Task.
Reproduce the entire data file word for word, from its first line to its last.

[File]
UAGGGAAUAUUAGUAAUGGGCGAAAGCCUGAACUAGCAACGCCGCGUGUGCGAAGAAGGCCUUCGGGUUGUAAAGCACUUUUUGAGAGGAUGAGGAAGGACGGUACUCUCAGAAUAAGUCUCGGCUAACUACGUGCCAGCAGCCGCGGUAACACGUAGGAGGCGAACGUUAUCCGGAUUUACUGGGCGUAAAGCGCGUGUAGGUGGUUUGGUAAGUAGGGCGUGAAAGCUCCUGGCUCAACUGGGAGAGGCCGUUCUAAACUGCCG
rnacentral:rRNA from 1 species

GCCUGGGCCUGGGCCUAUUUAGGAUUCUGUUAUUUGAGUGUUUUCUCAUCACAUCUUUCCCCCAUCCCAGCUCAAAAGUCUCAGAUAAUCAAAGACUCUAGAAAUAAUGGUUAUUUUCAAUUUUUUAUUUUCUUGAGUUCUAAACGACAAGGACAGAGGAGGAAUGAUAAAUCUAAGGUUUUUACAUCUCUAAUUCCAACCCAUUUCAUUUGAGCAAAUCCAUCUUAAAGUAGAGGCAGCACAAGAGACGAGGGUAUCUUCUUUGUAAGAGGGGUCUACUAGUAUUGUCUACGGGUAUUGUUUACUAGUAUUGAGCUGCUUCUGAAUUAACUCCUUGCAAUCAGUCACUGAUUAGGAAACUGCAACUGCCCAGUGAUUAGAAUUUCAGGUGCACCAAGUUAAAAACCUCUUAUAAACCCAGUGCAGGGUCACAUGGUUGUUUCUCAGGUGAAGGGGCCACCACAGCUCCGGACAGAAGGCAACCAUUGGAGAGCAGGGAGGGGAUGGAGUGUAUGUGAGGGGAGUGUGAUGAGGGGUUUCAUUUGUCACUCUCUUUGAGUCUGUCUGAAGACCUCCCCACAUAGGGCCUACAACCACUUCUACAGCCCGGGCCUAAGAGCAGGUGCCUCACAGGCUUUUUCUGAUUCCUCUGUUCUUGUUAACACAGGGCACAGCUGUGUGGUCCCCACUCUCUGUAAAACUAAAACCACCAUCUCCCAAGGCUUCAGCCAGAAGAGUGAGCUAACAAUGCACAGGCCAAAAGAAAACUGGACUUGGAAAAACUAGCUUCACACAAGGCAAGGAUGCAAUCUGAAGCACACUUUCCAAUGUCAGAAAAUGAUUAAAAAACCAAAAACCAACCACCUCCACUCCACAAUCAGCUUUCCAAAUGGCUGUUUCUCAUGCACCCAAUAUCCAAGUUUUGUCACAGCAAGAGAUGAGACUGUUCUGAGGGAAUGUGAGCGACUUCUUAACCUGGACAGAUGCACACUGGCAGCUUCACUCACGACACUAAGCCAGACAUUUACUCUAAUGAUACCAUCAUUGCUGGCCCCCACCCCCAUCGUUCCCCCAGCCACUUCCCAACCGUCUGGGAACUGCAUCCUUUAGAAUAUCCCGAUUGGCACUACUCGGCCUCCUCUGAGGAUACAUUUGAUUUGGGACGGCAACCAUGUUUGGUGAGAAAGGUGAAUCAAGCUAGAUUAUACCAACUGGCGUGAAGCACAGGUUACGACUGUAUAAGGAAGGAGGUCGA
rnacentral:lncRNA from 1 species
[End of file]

UAGGGAAUAUUAGUAAUGGGCGAAAGCCUGAACUAGCAACGCCGCGUGUGCGAAGAAGGCCUUCGGGUUGUAAAGCACUUUUUGAGAGGAUGAGGAAGGACGGUACUCUCAGAAUAAGUCUCGGCUAACUACGUGCCAGCAGCCGCGGUAACACGUAGGAGGCGAACGUUAUCCGGAUUUACUGGGCGUAAAGCGCGUGUAGGUGGUUUGGUAAGUAGGGCGUGAAAGCUCCUGGCUCAACUGGGAGAGGCCGUUCUAAACUGCCG
rnacentral:rRNA from 1 species

GCCUGGGCCUGGGCCUAUUUAGGAUUCUGUUAUUUGAGUGUUUUCUCAUCACAUCUUUCCCCCAUCCCAGCUCAAAAGUCUCAGAUAAUCAAAGACUCUAGAAAUAAUGGUUAUUUUCAAUUUUUUAUUUUCUUGAGUUCUAAACGACAAGGACAGAGGAGGAAUGAUAAAUCUAAGGUUUUUACAUCUCUAAUUCCAACCCAUUUCAUUUGAGCAAAUCCAUCUUAAAGUAGAGGCAGCACAAGAGACGAGGGUAUCUUCUUUGUAAGAGGGGUCUACUAGUAUUGUCUACGGGUAUUGUUUACUAGUAUUGAGCUGCUUCUGAAUUAACUCCUUGCAAUCAGUCACUGAUUAGGAAACUGCAACUGCCCAGUGAUUAGAAUUUCAGGUGCACCAAGUUAAAAACCUCUUAUAAACCCAGUGCAGGGUCACAUGGUUGUUUCUCAGGUGAAGGGGCCACCACAGCUCCGGACAGAAGGCAACCAUUGGAGAGCAGGGAGGGGAUGGAGUGUAUGUGAGGGGAGUGUGAUGAGGGGUUUCAUUUGUCACUCUCUUUGAGUCUGUCUGAAGACCUCCCCACAUAGGGCCUACAACCACUUCUACAGCCCGGGCCUAAGAGCAGGUGCCUCACAGGCUUUUUCUGAUUCCUCUGUUCUUGUUAACACAGGGCACAGCUGUGUGGUCCCCACUCUCUGUAAAACUAAAACCACCAUCUCCCAAGGCUUCAGCCAGAAGAGUGAGCUAACAAUGCACAGGCCAAAAGAAAACUGGACUUGGAAAAACUAGCUUCACACAAGGCAAGGAUGCAAUCUGAAGCACACUUUCCAAUGUCAGAAAAUGAUUAAAAAACCAAAAACCAACCACCUCCACUCCACAAUCAGCUUUCCAAAUGGCUGUUUCUCAUGCACCCAAUAUCCAAGUUUUGUCACAGCAAGAGAUGAGACUGUUCUGAGGGAAUGUGAGCGACUUCUUAACCUGGACAGAUGCACACUGGCAGCUUCACUCACGACACUAAGCCAGACAUUUACUCUAAUGAUACCAUCAUUGCUGGCCCCCACCCCCAUCGUUCCCCCAGCCACUUCCCAACCGUCUGGGAACUGCAUCCUUUAGAAUAUCCCGAUUGGCACUACUCGGCCUCCUCUGAGGAUACAUUUGAUUUGGGACGGCAACCAUGUUUGGUGAGAAAGGUGAAUCAAGCUAGAUUAUACCAACUGGCGUGAAGCACAGGUUACGACUGUAUAAGGAAGGAGGUCGA
rnacentral:lncRNA from 1 species